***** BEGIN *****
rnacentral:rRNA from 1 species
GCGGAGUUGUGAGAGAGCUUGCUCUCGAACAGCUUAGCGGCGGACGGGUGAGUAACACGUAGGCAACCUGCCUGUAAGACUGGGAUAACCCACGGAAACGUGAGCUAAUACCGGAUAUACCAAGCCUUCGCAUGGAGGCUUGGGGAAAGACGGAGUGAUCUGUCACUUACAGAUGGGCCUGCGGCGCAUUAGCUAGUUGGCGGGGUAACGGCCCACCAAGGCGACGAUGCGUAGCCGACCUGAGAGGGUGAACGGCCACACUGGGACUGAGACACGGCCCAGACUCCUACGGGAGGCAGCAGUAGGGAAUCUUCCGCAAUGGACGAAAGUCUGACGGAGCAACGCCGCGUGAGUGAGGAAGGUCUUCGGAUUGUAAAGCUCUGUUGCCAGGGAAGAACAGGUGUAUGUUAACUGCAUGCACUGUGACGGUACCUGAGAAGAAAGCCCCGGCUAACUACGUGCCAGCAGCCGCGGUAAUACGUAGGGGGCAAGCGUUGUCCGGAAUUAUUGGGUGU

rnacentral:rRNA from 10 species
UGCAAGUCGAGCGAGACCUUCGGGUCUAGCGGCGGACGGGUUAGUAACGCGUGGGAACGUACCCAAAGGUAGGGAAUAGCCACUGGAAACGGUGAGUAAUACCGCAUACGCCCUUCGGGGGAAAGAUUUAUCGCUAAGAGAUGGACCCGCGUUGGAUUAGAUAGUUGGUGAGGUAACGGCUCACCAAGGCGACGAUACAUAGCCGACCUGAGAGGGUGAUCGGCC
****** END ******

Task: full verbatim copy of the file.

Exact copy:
rnacentral:rRNA from 1 species
GCGGAGUUGUGAGAGAGCUUGCUCUCGAACAGCUUAGCGGCGGACGGGUGAGUAACACGUAGGCAACCUGCCUGUAAGACUGGGAUAACCCACGGAAACGUGAGCUAAUACCGGAUAUACCAAGCCUUCGCAUGGAGGCUUGGGGAAAGACGGAGUGAUCUGUCACUUACAGAUGGGCCUGCGGCGCAUUAGCUAGUUGGCGGGGUAACGGCCCACCAAGGCGACGAUGCGUAGCCGACCUGAGAGGGUGAACGGCCACACUGGGACUGAGACACGGCCCAGACUCCUACGGGAGGCAGCAGUAGGGAAUCUUCCGCAAUGGACGAAAGUCUGACGGAGCAACGCCGCGUGAGUGAGGAAGGUCUUCGGAUUGUAAAGCUCUGUUGCCAGGGAAGAACAGGUGUAUGUUAACUGCAUGCACUGUGACGGUACCUGAGAAGAAAGCCCCGGCUAACUACGUGCCAGCAGCCGCGGUAAUACGUAGGGGGCAAGCGUUGUCCGGAAUUAUUGGGUGU

rnacentral:rRNA from 10 species
UGCAAGUCGAGCGAGACCUUCGGGUCUAGCGGCGGACGGGUUAGUAACGCGUGGGAACGUACCCAAAGGUAGGGAAUAGCCACUGGAAACGGUGAGUAAUACCGCAUACGCCCUUCGGGGGAAAGAUUUAUCGCUAAGAGAUGGACCCGCGUUGGAUUAGAUAGUUGGUGAGGUAACGGCUCACCAAGGCGACGAUACAUAGCCGACCUGAGAGGGUGAUCGGCC